The U.S. Defence Intelligence Agency (DIA) report released on January 15 , 2019 suggested that “China’s military rise is well-planned, and Chinese leaders are following a strategy they believe will lead to greater power and influence, both regionally and globally…”. The report is a U.S. perspective on the current and evolving state of China’s military and its ability to wage war. Space operations, Chinese military thinkers thought, were a critical aspect of future warfare. ‘Space operations probably will form an integral component of other PLA campaigns and serve a key role in enabling actions to counter third-party intervention during military conflicts,’ the report contends. “The China Military Power report emphasizes the PLA’s growing reliance on a range of satellite applications for its operations, to include Earth observation, communications, and positioning, navigation, and timing (PNT) satellites, much like the military of its U.S. rival. China Military Power, also highlights, however, Beijing’s continuing efforts in developing counterspace capabilities and antisatellite weapons.” A 12 February 2019 article in Japan Times also reported that “China is developing sophisticated space capabilities such as ‘Satellite inspection and repair’ and debris cleanup—at least some of which could also function as weapons against U.S. satellites,” according to the Defence Intelligence Agency.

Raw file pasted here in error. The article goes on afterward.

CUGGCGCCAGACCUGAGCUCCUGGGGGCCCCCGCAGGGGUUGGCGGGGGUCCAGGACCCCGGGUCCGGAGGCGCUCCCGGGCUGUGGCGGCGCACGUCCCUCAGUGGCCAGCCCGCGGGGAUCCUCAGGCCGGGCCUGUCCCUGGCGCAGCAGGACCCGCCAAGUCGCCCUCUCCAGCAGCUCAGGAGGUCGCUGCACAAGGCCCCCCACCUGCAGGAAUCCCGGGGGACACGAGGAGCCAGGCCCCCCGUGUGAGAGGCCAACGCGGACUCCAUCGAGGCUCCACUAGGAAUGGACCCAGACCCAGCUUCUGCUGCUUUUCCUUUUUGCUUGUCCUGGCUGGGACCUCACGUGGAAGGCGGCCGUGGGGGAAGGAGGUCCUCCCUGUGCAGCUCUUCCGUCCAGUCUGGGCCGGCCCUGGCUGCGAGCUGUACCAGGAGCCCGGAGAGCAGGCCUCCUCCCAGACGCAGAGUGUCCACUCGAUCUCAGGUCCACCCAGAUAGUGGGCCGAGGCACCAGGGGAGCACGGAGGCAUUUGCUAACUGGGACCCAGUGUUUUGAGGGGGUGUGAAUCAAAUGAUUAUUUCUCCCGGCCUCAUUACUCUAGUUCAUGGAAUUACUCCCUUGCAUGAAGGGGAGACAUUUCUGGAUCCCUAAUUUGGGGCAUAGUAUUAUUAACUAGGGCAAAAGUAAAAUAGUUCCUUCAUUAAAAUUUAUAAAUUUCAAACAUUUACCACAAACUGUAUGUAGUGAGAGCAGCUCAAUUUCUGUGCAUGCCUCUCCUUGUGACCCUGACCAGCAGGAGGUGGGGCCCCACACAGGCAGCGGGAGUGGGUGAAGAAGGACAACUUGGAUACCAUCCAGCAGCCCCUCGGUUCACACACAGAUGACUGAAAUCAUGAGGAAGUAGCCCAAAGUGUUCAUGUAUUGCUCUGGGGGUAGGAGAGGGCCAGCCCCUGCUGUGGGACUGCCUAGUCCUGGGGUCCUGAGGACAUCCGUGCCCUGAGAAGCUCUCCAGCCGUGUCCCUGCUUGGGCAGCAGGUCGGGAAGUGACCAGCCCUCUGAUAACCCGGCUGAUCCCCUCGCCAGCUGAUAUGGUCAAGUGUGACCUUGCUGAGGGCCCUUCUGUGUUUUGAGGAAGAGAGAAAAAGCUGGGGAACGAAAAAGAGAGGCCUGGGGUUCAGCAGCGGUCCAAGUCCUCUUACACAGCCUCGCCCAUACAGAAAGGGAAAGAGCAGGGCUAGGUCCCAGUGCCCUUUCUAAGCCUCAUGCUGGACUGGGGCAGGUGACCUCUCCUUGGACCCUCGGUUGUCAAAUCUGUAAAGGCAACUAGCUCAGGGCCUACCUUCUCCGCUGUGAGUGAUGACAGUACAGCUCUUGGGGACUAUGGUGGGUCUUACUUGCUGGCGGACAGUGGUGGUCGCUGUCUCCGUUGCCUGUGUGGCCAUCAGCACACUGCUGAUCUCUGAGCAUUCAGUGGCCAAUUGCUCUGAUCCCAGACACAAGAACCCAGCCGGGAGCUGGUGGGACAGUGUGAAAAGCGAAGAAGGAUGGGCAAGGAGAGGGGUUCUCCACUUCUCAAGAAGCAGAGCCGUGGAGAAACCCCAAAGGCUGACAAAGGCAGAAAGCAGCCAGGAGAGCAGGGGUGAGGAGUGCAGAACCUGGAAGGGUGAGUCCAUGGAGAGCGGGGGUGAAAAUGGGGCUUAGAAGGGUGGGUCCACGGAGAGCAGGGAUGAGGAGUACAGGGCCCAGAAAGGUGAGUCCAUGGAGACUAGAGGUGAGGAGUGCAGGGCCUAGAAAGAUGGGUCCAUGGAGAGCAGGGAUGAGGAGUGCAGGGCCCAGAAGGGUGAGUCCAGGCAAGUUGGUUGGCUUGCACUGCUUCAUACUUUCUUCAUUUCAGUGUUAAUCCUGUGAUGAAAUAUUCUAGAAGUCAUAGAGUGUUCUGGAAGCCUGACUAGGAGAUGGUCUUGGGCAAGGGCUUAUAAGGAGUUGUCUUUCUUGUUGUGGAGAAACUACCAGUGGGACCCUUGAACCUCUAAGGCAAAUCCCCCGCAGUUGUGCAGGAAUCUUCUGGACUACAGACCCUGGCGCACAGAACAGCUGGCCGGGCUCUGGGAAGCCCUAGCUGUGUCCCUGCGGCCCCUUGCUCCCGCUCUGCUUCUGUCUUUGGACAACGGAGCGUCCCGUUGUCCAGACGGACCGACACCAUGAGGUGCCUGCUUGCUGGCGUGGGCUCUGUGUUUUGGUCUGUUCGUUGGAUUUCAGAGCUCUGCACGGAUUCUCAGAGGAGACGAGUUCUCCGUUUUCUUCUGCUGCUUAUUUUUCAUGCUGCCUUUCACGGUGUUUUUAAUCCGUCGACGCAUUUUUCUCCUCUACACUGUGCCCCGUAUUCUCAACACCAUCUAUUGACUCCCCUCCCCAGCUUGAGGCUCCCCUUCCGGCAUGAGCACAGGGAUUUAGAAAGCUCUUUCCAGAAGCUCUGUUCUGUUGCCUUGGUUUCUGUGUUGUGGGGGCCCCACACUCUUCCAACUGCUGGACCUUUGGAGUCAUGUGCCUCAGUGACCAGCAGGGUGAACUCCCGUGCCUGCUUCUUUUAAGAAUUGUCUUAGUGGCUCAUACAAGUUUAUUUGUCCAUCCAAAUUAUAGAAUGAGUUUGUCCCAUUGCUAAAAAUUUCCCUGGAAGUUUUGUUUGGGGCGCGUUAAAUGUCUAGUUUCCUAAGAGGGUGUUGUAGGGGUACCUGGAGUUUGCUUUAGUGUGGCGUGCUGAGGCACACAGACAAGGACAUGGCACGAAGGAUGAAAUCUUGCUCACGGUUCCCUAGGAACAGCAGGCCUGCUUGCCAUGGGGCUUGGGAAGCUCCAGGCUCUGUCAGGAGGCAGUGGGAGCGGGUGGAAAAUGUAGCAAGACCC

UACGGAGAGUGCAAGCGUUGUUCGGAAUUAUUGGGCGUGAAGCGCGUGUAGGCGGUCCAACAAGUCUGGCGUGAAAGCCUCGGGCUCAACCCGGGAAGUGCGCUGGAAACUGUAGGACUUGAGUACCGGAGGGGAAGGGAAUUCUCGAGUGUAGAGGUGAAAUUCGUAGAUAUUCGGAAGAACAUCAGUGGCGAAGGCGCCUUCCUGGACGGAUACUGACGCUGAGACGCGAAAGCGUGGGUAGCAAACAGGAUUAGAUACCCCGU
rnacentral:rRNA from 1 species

American Response

The “U.S. military will withdraw hundreds of troops focused on counter terrorism operations in Africa over the next several years to support the Pentagon’s increased focus on countering threats from China and Russia,” officials said. Air Force Secretary Heather Wilson had called for increasing the Air Force from its current size of 312 operational squadrons to 386 by 2030, as it prepares for a possible conflict against a major nation such as China or Russia. This 24 per cent increase in squadrons is the centre-piece of the service’s proposal, which has been in the works for six months. This proposal seeks to lay out what it would take for the Air Force to fight a peer adversary and win, as well as defend the homeland, provide a credible nuclear deterrent, counter a medium-sized rogue nation that might try to take advantage of the Air Force’s focus on the major adversary, and fight violent extremists such as the Taliban and the Islamic State. “We must see the world as it is,” Wilson said. “That was why the National Defence Strategy explicitly recognizes that we have returned to an era of great power competition.” Effectively, the USAF intends to add 70 new squadrons to counter rising China and muscle-flexing Russia. It will also mean 40,000 additional personnel, says Lt. Gen. Brian Kelly, commander of the Air Force Personnel Centre. A coalition between Russia and China is highly possible, the USA fears.

Chinese Muscle Flexing

President Xi Jinping told his military commanders to “concentrate preparations for fighting a war” as tensions continue to grow over the future of the South China Sea and Taiwan. “We need to take all complex situations into consideration and make emergency plans accordingly,” President Xi, told the officers of the Southern Theatre Command. President Xi’s words represent a significant ramping-up of the rhetoric being exchanged between Beijing and Washington. China had been angered by U.S. sanctions on its military for buying weapons from Russia, and by what Beijing sees as renewed Washington support for democratic Taiwan. President Xi “stressed the need to focus on combat research and commanding, to advance work in all areas and accelerate developing strong and efficient joint-operation commanding institutions for theatre commands to comprehensively boost the military’s battle-winning ability.”